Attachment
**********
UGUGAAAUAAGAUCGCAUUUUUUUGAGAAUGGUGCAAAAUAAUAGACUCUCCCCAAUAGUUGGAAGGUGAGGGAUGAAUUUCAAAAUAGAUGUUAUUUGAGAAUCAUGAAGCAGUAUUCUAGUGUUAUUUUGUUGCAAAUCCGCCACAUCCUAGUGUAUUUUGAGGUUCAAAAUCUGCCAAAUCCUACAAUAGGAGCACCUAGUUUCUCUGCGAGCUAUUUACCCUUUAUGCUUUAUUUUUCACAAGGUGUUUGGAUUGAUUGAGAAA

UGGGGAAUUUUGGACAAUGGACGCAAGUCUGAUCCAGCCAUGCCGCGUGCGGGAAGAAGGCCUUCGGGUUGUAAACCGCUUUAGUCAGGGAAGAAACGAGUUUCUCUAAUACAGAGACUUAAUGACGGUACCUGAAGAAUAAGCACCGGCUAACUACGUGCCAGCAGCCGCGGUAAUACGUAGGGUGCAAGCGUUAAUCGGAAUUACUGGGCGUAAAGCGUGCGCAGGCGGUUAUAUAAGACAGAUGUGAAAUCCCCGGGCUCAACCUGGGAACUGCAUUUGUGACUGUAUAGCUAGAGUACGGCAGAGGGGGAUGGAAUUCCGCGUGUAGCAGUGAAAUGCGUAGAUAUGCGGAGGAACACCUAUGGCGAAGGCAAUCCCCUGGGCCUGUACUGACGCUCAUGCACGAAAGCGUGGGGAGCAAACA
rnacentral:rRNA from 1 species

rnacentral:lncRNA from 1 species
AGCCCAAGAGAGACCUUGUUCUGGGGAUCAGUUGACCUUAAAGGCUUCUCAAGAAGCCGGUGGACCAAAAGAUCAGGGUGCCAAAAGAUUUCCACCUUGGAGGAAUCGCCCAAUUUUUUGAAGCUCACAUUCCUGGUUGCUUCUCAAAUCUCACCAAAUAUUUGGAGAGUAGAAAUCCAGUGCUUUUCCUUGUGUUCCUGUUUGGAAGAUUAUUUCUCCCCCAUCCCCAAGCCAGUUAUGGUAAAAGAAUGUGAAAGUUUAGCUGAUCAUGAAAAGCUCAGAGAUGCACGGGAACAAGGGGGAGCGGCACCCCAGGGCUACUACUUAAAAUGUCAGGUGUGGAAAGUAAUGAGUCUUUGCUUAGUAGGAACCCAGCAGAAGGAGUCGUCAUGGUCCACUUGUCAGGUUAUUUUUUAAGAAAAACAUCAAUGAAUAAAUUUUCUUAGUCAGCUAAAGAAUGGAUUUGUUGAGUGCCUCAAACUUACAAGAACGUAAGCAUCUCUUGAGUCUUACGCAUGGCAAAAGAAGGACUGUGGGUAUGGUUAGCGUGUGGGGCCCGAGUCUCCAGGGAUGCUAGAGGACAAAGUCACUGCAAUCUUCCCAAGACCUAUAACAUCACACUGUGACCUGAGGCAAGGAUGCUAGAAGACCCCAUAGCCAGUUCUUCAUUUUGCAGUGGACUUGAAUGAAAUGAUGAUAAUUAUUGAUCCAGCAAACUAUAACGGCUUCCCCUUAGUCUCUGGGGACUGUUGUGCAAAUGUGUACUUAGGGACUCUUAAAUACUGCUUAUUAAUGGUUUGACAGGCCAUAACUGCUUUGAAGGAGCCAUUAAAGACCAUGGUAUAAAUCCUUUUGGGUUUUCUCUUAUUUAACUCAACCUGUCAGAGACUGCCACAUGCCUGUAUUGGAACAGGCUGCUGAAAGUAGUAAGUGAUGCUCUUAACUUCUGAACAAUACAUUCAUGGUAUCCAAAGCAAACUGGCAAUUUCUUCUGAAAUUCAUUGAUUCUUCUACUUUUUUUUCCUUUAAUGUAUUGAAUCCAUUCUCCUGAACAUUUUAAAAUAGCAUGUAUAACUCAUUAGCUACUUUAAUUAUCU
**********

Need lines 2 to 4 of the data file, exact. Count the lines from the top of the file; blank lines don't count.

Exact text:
UGGGGAAUUUUGGACAAUGGACGCAAGUCUGAUCCAGCCAUGCCGCGUGCGGGAAGAAGGCCUUCGGGUUGUAAACCGCUUUAGUCAGGGAAGAAACGAGUUUCUCUAAUACAGAGACUUAAUGACGGUACCUGAAGAAUAAGCACCGGCUAACUACGUGCCAGCAGCCGCGGUAAUACGUAGGGUGCAAGCGUUAAUCGGAAUUACUGGGCGUAAAGCGUGCGCAGGCGGUUAUAUAAGACAGAUGUGAAAUCCCCGGGCUCAACCUGGGAACUGCAUUUGUGACUGUAUAGCUAGAGUACGGCAGAGGGGGAUGGAAUUCCGCGUGUAGCAGUGAAAUGCGUAGAUAUGCGGAGGAACACCUAUGGCGAAGGCAAUCCCCUGGGCCUGUACUGACGCUCAUGCACGAAAGCGUGGGGAGCAAACA
rnacentral:rRNA from 1 species

rnacentral:lncRNA from 1 species